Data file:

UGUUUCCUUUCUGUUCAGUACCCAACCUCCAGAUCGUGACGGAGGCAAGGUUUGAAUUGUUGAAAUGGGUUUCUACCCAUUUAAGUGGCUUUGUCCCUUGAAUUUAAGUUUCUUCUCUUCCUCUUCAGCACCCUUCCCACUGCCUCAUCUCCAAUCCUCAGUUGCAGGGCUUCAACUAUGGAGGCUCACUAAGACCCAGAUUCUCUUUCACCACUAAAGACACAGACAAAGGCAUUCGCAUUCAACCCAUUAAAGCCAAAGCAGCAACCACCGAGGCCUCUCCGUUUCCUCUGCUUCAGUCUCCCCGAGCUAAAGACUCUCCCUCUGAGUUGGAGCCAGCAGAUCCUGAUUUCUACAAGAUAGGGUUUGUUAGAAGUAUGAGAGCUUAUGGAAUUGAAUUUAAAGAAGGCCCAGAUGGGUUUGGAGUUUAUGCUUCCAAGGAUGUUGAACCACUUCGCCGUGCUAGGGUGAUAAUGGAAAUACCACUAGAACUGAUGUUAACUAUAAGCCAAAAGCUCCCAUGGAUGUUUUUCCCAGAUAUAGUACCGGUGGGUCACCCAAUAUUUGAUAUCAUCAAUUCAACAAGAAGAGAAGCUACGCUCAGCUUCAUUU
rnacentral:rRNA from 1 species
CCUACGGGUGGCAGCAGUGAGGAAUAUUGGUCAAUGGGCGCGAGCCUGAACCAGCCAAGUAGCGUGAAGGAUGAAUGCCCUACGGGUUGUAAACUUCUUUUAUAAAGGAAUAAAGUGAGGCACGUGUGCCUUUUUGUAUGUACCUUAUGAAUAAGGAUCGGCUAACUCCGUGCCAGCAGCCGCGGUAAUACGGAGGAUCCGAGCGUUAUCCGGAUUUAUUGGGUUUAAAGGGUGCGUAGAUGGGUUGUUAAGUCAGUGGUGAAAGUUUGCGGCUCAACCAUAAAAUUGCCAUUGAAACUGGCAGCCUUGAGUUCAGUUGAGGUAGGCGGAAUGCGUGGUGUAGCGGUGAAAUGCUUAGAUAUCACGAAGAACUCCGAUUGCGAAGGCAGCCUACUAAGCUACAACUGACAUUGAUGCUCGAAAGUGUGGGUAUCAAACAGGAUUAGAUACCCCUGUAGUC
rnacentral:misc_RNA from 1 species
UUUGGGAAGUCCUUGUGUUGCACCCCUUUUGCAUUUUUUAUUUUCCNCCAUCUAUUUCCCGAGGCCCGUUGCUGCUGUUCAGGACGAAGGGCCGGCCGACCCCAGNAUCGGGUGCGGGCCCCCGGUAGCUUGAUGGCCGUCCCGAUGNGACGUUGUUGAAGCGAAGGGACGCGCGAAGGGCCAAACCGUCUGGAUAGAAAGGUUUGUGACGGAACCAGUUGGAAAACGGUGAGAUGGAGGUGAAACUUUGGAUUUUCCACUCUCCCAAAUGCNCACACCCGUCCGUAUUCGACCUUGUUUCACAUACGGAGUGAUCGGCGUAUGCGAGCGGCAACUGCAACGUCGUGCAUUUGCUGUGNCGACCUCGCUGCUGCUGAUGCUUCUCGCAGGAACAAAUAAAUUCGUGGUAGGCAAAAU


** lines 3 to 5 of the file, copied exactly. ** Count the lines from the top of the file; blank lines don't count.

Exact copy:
CCUACGGGUGGCAGCAGUGAGGAAUAUUGGUCAAUGGGCGCGAGCCUGAACCAGCCAAGUAGCGUGAAGGAUGAAUGCCCUACGGGUUGUAAACUUCUUUUAUAAAGGAAUAAAGUGAGGCACGUGUGCCUUUUUGUAUGUACCUUAUGAAUAAGGAUCGGCUAACUCCGUGCCAGCAGCCGCGGUAAUACGGAGGAUCCGAGCGUUAUCCGGAUUUAUUGGGUUUAAAGGGUGCGUAGAUGGGUUGUUAAGUCAGUGGUGAAAGUUUGCGGCUCAACCAUAAAAUUGCCAUUGAAACUGGCAGCCUUGAGUUCAGUUGAGGUAGGCGGAAUGCGUGGUGUAGCGGUGAAAUGCUUAGAUAUCACGAAGAACUCCGAUUGCGAAGGCAGCCUACUAAGCUACAACUGACAUUGAUGCUCGAAAGUGUGGGUAUCAAACAGGAUUAGAUACCCCUGUAGUC
rnacentral:misc_RNA from 1 species
UUUGGGAAGUCCUUGUGUUGCACCCCUUUUGCAUUUUUUAUUUUCCNCCAUCUAUUUCCCGAGGCCCGUUGCUGCUGUUCAGGACGAAGGGCCGGCCGACCCCAGNAUCGGGUGCGGGCCCCCGGUAGCUUGAUGGCCGUCCCGAUGNGACGUUGUUGAAGCGAAGGGACGCGCGAAGGGCCAAACCGUCUGGAUAGAAAGGUUUGUGACGGAACCAGUUGGAAAACGGUGAGAUGGAGGUGAAACUUUGGAUUUUCCACUCUCCCAAAUGCNCACACCCGUCCGUAUUCGACCUUGUUUCACAUACGGAGUGAUCGGCGUAUGCGAGCGGCAACUGCAACGUCGUGCAUUUGCUGUGNCGACCUCGCUGCUGCUGAUGCUUCUCGCAGGAACAAAUAAAUUCGUGGUAGGCAAAAU